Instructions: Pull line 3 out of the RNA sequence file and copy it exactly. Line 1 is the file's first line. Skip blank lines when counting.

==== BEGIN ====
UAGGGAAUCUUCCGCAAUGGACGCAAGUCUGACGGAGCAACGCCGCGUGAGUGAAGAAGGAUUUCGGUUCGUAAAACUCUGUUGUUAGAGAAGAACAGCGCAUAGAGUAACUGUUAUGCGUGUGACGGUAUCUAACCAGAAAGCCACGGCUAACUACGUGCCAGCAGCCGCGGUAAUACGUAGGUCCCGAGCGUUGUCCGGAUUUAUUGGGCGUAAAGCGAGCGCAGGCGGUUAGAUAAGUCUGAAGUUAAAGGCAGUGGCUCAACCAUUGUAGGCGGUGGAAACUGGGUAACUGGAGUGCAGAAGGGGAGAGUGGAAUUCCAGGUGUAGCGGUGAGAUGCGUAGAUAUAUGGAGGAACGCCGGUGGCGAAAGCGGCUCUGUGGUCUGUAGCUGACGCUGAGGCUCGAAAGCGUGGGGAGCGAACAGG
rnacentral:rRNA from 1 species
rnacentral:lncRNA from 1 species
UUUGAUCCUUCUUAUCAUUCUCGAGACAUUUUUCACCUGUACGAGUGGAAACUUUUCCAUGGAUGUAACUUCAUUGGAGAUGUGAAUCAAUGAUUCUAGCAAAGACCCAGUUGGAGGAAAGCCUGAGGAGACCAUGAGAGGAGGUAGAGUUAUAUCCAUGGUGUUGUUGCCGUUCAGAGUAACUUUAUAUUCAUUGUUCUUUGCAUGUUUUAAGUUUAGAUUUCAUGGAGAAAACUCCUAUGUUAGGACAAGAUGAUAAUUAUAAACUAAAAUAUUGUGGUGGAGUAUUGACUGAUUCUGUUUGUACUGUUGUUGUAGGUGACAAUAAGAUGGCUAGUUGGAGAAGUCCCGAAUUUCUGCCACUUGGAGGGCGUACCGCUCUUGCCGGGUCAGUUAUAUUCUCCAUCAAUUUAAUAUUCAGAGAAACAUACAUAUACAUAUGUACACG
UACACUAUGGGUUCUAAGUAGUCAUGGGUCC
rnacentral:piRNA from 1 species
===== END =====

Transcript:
rnacentral:lncRNA from 1 species